It is not just that “high” Arabic, “rich, strange, subtle, suavely hypnotic, magically persuasive, maddeningly difficult,” retains its incantatory power. The persistence of diglossia—the coexistence of radically different registers in the same language—helps explain Arab contradictions. The preservation of a classical, theoretically immutable written tongue that is common to all Arabs alongside the myriad, endlessly evolving colloquial languages that they actually speak has sustained a notion of Arab unity that still inspires hope though it may be much battered. But this is, says Mackintosh-Smith bluntly, an imagined bond, as well as a bind: “The reality is dialect, and disunity. Arabs have never been united in speech, or in any other way, only in speeches; never in real words in the real world, only on paper.”

Yet while it is true that the Arab “family” has always been divided—even the glorious moment of Muhammad’s triumph at Mecca, when in an oft-repeated Arabic phrase “their word was united,” lasted just a few years—it might be said that the intensity of these family squabbles has amplified the Arab voice in the world. If the Arabs are relevant today, it is partly because no other language, aside from English, has spread as far and wide as Arabic. English contains some two thousand Arabic loan-words (from alcohol and coffee to jackets and sofas), Bahasa Indonesia three thousand, Spanish four thousand. The vocabulary of modern Swahili is about half Arabic, Farsi is 30 percent Arabic, Turkish 26 percent, and Hindi and Urdu not much less.

In modern times, it is for quarrelsomeness that Arabs have been best known. Mackintosh-Smith cites a recent UN report that notes that although Arabic speakers make up just one in twenty of the world’s people, they account today for 58 percent of its refugee population and 68 percent of battlefield deaths. In trying to answer the question of why this is so, he gives short shrift to well-worn arguments about the legacy of colonialism. This is not from lack of sympathy. He aptly describes the Balfour Declaration—which expressed Britain’s commitment to make Palestine “a national home for the Jewish people” while promising that “nothing shall be done to prejudice the civil and religious rights of existing non-Jewish communities”—as a logical impossibility, “like saying you would build a new reservoir without prejudicing the people of the villages that would be flooded.”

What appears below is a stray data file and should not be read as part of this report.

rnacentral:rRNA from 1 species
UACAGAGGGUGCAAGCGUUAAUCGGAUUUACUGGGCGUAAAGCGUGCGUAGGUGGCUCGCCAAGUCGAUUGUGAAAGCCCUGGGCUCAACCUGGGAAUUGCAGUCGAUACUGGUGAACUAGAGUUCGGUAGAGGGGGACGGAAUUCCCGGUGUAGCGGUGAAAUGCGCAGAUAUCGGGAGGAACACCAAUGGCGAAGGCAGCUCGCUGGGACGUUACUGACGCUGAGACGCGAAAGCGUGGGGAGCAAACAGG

Mackintosh-Smith’s refusal to blame current atrocities on colonialism appears to stem instead from an unromantic desire to stimulate self-reflection:

If the British in Palestine were measurably wickeder than the British in Egypt, and the French in Algeria wickeder than both, then so too are the Egyptians in Egypt today, where the current regime can imprison a young man for two years for wearing a “No Torture” T-shirt.

Expanding on the argument that Arab divisiveness is not new but rather a constant from the earliest times, he finds himself falling back on Ibn Khaldun:

If, for example, Hafiz al-Asad resembled a grocer, his son Bashshar looks like the eye-doctor he trained in London to become. And yet they and their fellow autocrats are no less raiders and herders than the raw desert dynasts of Ibn Khaldoun’s classic theory. Their power is taken and held by raiding; their people—their ra’iyyah, “subjects,” or in its first meaning, “private flock”—are controlled by herding, a herding of minds.

He might have added that the persistent glorification of the ghazw—the raid—as a legitimate means of struggle has tended to create more instability than would, arguably, the drearier business of planning and prosecuting actual wars. He might also have noted that within the Ibn Khaldunian cycle, there is always a certain synchronicity between periodic collapses of urban civilization—such as the domino-like toppling of leaders in the Arab Spring—and the rise in the wilderness of wild, fanatic groups such as ISIS, an ingathering of modern nomads from across the world aiming to shock “civilization.” Persistent too throughout Arab history has been a certain destabilizing bipolarity. The language itself, notes Mackintosh-Smith, contains an unusual number of words that mean both one thing and its opposite, echoing the tension between “high” and “low” languages, between ideals and realities, or between settled and nomadic peoples, hadar and badu.2 He quotes Muhammad al-Jabiri, a trenchant modern Moroccan philosopher, as calling the ability to hold two opposing opinions at once “the essence of being Arab.”

A lesser writer—and virtually anyone in academia—might shy from venturing onto such politically perilous ground. But Mackintosh-Smith has seen too much to be delicate and remains too curious to resist being provocative. In the current state of the Arabs, with refugees pouring into other countries “as if Arab history is spiralling into a grim parody of its own beginnings” as a people cast into the desert, he finds an elusive reflection of a desire to keep hold of something essential. His own idea of an Arab “essence” is a certain innate instinct to resist, to remain aloof. This is not a matter of some sort of common Arab mentality but rather an intangible magnetism, a group genius or tribal daemon:

They fight against the times and maintain that ever-present past, the eternal yesterday; they do not want to fix the broken clock. They know that to become part of the present continuous, the blur, would be to enter the biggest super-hadarah ever, to become more like everyone else on earth. And a recurring characteristic of being ’arab, or Arab, right from the start, has been that of being marginal, independent, not like everyone else. To the extent that one enters hadarah, civilization, one ceases to be “Arab” in one of the word’s oldest senses.

And who would want that?